Insurer Employees: An insurance company employee may not be penalized for reporting suspected violations of certain state insurance laws. To be protected, the disclosure must be made to the Commissioner of Insurance or to other appropriate authorities. An insurance company may be fined up to $10,000 for retaliating against an employee. La. Rev. Stat. § 22:13.

Labor Investigations & Proceedings: An employee may not be discharged (or discriminated against) in retaliation for testifying (or otherwise providing information) in an investigation or proceeding to enforce state labor laws. An employer who retaliates for this reason may be fined between $100 - $250 and may be imprisoned between 30-90 days. La. Rev. Stat. § 23:964.

Public Employees: A public employee may be protected from retaliation where they have reported a violation of a rule, law, or regulation of the state government. La. Rev. Stat.§ 42:1169.

Workers' Compensation: An employee may not be discharged for filing a workers' compensation claim. Even if the workers' compensation claim is filed in another state, or under federal law, the employee is protected under Louisiana's anti-retaliation measure. La. Rev. Stat. § 23:1361.

3. How do I file a whistleblower or retaliation claim in Louisiana?

Generally: An employee may file a wrongful discharge lawsuit in an appropriate court. The lawsuit must be filed within the one year La. Civ. Code Art. 3492. prescriptive period (commonly called the statute of limitations outside of Louisiana), unless otherwise specified by statute. The one year prescriptive period applies to all "delictual actions" - essentially, lawsuits concerning injuries to the person - but does not apply to minors. If you believe you have a claim, you should contact a lawyer immediately.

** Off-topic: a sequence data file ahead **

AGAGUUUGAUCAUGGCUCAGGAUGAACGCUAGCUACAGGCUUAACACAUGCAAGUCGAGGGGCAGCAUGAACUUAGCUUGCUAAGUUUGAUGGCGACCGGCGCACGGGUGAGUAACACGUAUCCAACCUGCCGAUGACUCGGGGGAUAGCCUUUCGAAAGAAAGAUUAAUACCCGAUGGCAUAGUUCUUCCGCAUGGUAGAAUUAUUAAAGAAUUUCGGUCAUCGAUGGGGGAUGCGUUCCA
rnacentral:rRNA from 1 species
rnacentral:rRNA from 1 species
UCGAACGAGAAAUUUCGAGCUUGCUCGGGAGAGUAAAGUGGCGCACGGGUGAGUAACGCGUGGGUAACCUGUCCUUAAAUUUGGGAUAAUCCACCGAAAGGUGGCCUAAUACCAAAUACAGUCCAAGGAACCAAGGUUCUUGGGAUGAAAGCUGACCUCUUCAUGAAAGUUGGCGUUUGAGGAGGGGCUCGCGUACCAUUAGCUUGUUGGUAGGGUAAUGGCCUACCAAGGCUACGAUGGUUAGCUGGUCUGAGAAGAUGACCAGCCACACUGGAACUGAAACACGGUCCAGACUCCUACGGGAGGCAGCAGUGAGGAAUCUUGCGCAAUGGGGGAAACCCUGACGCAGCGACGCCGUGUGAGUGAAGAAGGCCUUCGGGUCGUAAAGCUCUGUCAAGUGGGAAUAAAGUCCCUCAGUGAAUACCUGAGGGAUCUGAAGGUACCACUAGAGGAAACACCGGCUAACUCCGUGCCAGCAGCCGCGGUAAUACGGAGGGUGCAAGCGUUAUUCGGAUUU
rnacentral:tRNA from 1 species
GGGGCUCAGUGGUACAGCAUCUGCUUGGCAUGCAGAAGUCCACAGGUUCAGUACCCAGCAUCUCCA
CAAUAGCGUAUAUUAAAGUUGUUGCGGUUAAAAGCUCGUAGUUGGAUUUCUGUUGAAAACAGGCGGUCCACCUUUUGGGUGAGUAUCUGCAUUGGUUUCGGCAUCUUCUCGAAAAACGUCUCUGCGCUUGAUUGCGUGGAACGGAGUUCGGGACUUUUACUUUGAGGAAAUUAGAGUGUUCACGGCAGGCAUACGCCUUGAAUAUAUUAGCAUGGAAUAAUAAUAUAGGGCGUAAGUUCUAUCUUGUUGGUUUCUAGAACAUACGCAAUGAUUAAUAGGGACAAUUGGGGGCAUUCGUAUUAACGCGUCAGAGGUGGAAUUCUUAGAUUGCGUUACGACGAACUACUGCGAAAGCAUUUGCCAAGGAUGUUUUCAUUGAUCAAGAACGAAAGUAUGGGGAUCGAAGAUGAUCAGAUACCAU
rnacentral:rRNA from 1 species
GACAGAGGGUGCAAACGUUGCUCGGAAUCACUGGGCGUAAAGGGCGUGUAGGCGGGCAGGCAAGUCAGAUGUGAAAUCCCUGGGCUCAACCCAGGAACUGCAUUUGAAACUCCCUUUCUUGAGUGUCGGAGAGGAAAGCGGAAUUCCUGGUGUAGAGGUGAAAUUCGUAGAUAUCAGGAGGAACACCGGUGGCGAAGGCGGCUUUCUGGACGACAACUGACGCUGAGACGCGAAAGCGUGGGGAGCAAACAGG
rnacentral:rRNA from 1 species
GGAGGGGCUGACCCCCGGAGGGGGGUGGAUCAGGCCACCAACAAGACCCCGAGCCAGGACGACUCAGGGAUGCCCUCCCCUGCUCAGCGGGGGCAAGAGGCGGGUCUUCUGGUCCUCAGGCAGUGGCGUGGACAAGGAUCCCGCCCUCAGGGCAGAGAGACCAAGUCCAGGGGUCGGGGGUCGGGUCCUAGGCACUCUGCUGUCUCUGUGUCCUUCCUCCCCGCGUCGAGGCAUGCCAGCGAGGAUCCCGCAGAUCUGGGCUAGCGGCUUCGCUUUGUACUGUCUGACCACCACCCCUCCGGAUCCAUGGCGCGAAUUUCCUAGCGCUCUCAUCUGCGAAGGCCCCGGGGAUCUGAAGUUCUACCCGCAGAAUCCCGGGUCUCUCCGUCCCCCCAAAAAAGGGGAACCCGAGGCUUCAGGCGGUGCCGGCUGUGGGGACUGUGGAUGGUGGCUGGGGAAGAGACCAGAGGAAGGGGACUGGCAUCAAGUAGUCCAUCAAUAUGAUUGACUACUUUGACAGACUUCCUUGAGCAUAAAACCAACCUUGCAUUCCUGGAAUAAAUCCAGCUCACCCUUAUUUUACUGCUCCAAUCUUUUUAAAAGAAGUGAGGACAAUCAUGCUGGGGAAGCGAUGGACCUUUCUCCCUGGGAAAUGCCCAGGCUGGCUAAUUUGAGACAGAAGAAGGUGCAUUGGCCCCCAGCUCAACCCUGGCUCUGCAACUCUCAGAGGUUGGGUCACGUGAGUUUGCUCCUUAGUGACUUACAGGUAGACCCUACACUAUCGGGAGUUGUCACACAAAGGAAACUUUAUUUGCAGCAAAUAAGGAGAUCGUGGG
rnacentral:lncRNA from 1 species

General Whistleblower Protection Law: An employee may file a lawsuit in an appropriate court (where the retaliation occurred). The lawsuit must be filed within one year of the retaliatory action. A wrongfully discharged employee may recover compensatory damages, back pay, benefits, reinstatement, reasonable attorney fees, and court costs resulting from the reprisal. If you believe you have a claim, you should contact a lawyer immediately.

Environmental Whistleblowers: An employee may file a lawsuit in an appropriate court (a district court in the employee's parish). The lawsuit must be filed within one year of the retaliatory action. A wrongfully discharged employee may recover triple damages on his lost wages, up to three years. If you believe you have a claim, you should contact a lawyer immediately.

Health Care and Insurer Employees: An employee may file a lawsuit in an appropriate court. The lawsuit must be filed within one year of the retaliatory action. If you believe you have a claim, you should contact a lawyer immediately.

Labor Investigations & Proceedings: An employee may file a complaint with the Louisiana Department of Labor, Office of Regulatory Services. The Department will hold an adjudicatory hearing and may impose civil penalties or file a lawsuit.

Workers' Compensation: An employee may file a lawsuit in an appropriate court. The lawsuit must be filed within one year of the retaliatory action. An employee who is retaliated against may recover lost wages, up to one year. If you believe you have a claim, you should contact a lawyer immediately.